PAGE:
The fall out from the COVID 19 shut down has had a devastating impact on industries like travel and hospitality, to name just a few. Imagine waking up one day and realizing your business or career is either extinct or looks completely different with zero warning, through absolutely no fault of your own.
Experts say, though, that these industries are resilient, that demand is there, and if they can get through this, there is a path back to their previous success.
AirB&B, for example, came out earlier this week and said that it had more US bookings between May 17 and June 3, which encompassed Memorial Day on May 25, than the same time period a year earlier.
Everyone I know is trying to do something this summer and is happily spending money and rallying behind as many small businesses as possible, because it’s important to all of us and our communities that they survive.
But the impact on retail, specifically fashion retail, and its supporting industries is going to be a much different story.
What is the Future of Retail?
The retail industry faces its own list of difficult, and complicated challenges, and while COVID has made an enormous impact, one could argue it only speed up the inevitable.
For years the industry has been in flux, and now it’s an absolute mess.
Malls have seen a dramatic drop in foot traffic long before mandated shutdowns.
Retailers trying to create more of an “experience” within their stores had varying levels of success, often making it more difficult for the customer to shop.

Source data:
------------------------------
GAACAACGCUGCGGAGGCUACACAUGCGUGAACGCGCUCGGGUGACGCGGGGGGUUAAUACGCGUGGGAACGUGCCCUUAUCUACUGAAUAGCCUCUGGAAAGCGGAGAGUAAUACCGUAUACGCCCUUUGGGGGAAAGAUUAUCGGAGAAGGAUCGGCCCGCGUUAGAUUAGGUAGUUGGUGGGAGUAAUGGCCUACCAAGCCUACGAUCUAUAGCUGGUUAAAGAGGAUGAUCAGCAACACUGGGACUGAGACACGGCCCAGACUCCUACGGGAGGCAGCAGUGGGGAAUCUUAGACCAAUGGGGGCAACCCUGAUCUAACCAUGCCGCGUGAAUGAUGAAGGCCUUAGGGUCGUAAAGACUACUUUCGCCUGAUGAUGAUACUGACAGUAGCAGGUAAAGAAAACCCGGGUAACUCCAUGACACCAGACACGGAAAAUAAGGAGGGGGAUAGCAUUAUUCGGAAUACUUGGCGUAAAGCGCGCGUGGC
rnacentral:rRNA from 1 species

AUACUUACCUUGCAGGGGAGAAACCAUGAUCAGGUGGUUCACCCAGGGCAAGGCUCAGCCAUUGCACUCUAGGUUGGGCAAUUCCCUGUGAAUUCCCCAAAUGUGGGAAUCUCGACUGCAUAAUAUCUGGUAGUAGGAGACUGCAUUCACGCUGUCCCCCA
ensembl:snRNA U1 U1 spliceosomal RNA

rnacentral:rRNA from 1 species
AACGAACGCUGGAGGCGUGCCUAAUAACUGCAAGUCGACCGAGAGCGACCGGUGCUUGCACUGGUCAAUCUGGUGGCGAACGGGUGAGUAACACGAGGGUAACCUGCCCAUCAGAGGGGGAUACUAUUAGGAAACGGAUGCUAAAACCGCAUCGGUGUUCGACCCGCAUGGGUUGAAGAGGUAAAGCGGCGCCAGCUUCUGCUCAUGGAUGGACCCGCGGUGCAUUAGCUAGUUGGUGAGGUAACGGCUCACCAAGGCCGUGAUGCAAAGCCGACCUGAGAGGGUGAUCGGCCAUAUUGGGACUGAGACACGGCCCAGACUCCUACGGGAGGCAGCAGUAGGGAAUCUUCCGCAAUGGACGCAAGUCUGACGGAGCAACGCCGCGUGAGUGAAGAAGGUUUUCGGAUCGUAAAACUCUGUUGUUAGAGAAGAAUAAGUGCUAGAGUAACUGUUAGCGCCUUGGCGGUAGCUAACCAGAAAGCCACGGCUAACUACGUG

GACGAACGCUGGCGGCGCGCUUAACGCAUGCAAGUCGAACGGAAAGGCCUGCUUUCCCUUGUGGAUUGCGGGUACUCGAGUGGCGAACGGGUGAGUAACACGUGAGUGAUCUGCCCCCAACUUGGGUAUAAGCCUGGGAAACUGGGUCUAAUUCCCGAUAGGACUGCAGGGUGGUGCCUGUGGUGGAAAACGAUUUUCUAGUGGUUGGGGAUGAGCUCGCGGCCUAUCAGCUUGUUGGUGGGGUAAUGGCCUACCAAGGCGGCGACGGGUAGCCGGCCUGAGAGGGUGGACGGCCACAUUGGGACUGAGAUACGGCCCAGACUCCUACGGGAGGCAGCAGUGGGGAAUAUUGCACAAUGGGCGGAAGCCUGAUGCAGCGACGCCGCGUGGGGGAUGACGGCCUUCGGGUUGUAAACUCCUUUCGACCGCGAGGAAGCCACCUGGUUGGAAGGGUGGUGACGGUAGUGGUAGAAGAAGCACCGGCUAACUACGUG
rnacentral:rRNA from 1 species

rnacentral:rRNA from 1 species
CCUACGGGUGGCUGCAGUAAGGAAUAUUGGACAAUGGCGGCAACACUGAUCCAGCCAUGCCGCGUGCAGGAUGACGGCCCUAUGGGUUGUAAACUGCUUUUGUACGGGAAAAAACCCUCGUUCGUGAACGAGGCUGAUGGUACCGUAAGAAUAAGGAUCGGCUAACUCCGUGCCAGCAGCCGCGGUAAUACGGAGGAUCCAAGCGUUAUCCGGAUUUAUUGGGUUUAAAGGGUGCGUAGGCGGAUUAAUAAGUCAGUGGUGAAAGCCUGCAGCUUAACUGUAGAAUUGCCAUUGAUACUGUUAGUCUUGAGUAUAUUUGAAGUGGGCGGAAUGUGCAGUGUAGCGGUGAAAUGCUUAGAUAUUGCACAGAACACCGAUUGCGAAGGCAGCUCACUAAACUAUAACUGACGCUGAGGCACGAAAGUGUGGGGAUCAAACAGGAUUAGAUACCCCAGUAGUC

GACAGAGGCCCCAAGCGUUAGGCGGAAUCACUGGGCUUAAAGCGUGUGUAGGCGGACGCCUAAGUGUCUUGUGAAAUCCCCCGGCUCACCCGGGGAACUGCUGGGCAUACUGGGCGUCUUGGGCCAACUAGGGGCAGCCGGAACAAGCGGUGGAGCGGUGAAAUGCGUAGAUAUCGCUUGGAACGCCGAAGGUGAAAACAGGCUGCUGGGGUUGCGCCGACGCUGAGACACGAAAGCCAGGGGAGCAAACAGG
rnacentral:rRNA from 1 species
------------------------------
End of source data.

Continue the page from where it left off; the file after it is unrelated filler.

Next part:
Quality has dropped, prices have risen.
Many manufacturing and sourcing practices are still archaic, lack oversight, and create severe environmental impact.
Retail is a complex web that needs a total restructuring to meet the needs of modern society.
Lack of Goodwill
But perhaps the biggest issue is the lack of goodwill between consumers and brands.
For YEARS retail at large has ignored cries for expanded – or inclusive sizing.
It’s 2020, and the overwhelming majority of inventory still only goes up to a size 12.
It’s just too hard to shop. It’s too expensive, limiting and frustrating.
And for whatever reason, it feels like retail only markets to 25 years in Southern California (no offense) or the extremely affluent who don’t blink at a pair of $600 jeans.
They assume everyone is a size 2, white, and lives a life of leisure.
My job has always been to shop for women. Whether it was when I was a buyer, a personal shopper, or now as a content creator. The basis of my job is finding practical solutions that are chic and stylish for the average American woman (and our friends around the globe).
Shopping is as Impossible as You Think
If you’re petite or plus size they have limited you to online only. That’s right, most American department stores and some speciality stores took special sizing off their selling floors. Meaning you cannot walk into a store and buy anything.
If you’re a woman of color, you are often not even included in the conversation. I can walk into any store and buy a neutral-to-me bra. If you have darker skin and want a neutral-to-you bra, or pair of pantyhose, or a shoe that matches your skin tone – you’ll likely have to place a special order, if it’s even available.